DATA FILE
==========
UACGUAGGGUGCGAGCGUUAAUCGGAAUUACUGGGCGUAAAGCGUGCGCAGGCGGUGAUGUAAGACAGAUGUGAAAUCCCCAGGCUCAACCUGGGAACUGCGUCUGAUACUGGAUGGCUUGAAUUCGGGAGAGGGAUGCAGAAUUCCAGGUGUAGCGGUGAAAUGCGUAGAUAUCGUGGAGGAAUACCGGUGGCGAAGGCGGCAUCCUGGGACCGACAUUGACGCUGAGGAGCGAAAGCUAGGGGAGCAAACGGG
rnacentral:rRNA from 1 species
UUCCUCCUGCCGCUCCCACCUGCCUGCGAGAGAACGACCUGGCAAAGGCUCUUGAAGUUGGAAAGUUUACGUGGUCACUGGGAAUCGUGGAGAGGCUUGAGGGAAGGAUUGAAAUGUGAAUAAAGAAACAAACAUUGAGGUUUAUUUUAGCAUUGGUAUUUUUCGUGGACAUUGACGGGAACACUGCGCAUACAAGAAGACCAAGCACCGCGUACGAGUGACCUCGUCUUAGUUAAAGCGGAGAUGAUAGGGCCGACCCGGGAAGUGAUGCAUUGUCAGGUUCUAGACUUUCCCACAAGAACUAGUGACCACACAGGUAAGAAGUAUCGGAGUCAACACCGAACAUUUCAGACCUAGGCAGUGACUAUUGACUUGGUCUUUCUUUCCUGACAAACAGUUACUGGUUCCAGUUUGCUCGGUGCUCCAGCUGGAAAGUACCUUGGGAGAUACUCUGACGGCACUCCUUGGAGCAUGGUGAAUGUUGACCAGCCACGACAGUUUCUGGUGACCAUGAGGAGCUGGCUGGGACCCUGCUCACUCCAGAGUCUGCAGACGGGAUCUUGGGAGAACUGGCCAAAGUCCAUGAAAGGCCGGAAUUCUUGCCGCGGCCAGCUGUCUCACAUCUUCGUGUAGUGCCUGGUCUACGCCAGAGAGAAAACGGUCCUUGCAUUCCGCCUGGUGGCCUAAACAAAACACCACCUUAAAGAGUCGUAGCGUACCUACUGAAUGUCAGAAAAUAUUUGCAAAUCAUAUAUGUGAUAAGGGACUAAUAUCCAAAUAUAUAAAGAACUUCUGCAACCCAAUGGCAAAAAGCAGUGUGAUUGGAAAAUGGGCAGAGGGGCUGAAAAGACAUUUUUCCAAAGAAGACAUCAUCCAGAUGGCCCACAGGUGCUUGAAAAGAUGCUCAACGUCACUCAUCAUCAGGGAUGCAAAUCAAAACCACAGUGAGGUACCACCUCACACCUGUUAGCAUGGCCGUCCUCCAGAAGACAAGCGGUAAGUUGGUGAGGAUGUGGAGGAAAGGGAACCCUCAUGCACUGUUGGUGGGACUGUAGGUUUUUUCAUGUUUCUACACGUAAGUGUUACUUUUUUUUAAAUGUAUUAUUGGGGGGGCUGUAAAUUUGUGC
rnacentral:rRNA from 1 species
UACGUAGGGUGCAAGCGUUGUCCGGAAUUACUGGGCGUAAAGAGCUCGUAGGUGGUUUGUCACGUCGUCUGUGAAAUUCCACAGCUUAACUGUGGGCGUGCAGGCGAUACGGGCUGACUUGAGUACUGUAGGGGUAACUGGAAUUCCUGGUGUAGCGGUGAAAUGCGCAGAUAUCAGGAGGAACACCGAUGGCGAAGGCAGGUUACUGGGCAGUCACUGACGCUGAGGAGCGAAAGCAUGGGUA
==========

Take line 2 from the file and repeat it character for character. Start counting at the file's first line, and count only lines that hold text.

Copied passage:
rnacentral:rRNA from 1 species